Establishing a bond between the police and a community often begins with children. The One Community program was formed through a partnership of area organizations and endeavors to do just that.
The Cops and Kids Foundation has teamed up with the Milwaukee Admirals, the Wauwatosa, Milwaukee and Waukesha police departments and local businesses in an effort to bring people of all colors, ages, religions and orientations together. Bringing kids together with officers to take them to a hockey game, fishing, bowling or archery is a good start in achieving those lofty goals.
Making a difference
"The campaign came together because there has been a lot of tension between members of the community and law enforcement," Cops and Kids President Bob Kraemer said. "A lot of people have been in the media with talk of how to fix the problem. We decided to do something about it. We are doing this to try and make a difference in the community."
In an effort to build his new program and ensure the kids are engaged, Kraemer approached the Admirals over the summer regarding One Community. President Jon Greenberg said it was a very easy program for his hockey club to get behind.
"Giving back to our community is essential to our success because people give so much to us," Greenberg said. "Anytime we have law enforcement trying to build relationships with kids and we can help be a part of that in a positive way that is something that we want to do. This program just seemed to be a really good fit."
Prior to getting on board with One Community, the Admirals were already heavily involved with the law enforcement community. The team holds an annual "Battle of the Badges" hockey game between officers and firefighters, they host children at their games, and players are wearing special "first responders jerseys" for a game during the current season. The jerseys will be auctioned off for charity after the game.
"We often ask the players if they were not a hockey player what would they want to do and they often answer they would want to be in law enforcement," Greenberg said. "When we can pair those players up with the kids that come out it is an awesome thing to see."
Cops and Bobbers
After it was founded in 2011 by Kraemer, the Cops and Kids Program began with Cops and Bobbers and the first police department to get on board was in Waukesha. Sgt. Gerald Habanek of the Waukesha Police Department said he feels fortunate to have his organization involved.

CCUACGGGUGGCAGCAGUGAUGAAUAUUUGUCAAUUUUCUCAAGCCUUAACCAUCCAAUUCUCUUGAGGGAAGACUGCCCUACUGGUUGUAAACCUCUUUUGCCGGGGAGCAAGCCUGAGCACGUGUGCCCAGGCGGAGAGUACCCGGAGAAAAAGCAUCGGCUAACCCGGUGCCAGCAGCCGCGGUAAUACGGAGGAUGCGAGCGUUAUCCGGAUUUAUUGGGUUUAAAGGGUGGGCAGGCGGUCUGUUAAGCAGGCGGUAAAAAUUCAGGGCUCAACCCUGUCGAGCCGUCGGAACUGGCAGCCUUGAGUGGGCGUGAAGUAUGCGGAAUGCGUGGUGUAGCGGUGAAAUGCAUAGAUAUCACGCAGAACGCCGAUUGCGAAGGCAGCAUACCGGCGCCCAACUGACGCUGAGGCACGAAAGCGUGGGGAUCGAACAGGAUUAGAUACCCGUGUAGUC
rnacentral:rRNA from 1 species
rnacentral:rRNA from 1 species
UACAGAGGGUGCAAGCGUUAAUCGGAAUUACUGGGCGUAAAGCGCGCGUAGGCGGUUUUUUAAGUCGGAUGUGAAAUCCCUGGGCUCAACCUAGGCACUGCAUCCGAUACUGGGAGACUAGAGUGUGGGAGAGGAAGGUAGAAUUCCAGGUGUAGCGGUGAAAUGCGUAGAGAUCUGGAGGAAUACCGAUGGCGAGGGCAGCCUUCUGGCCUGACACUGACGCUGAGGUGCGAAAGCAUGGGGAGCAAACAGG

"We get out on the water in a pontoon boat and the ride out is quiet," Habanek said. "Then the magic starts and the officers bait the hooks and they help the kids catch fish. After a little bit of fishing there is a lot of talking. Then they sit on a pier and have some popsicles and the kids can’t stop talking."
Kids find their way to the program through Facebook, park and recreation involvement and recommendations from anyone who feels the child needs assistance. Habanek said his officers are trained to spot kids that they feel might be a good fit and sometimes they are a child of a parent that was arrested.
Tosa PD joins effort
The Wauwatosa Police Department became involved in the Cops and Kids Foundation in 2015 when officer Dan Kane was moved into the community policing officer position.
“I had heard about the program when I was a patrolman and I let Bob know it was something I was interested in," Kane said. "So I donated some homemade baits that I make as an offering to him. I think the most important thing is it allows kids to see us in an off-duty type setting. Once they see us in other settings, it separates us from the uniform and lets (the kids) see us as people."
Habanek said he thinks the Admirals are a great organization and bringing the kids to a game provides entertainment and adds a lot of value to what the foundation is doing.
"We are all one. People and police and that’s what I like about this “One Community” program," Habanek said. "No matter what color or creed you are, we are all one."
To get involved
To purchase a wristband that helps to fund the One Community program, a person can go to the website copsandkidsfoundation.org or stop by the locations listed on the website. In Waukesha, the bands are available at Waukesha State Bank locations and various governmental offices. As of now in Wauwatosa, you can ask for the wristbands at Leff's Lucky Town or Johnson's Sporting Goods.
In addition, Cops and Kids is looking for corporate sponsors to purchase large quantities of the bands at a discounted rate to be distributed by officers out of their squad cars, much the same way they hand out baseball cards.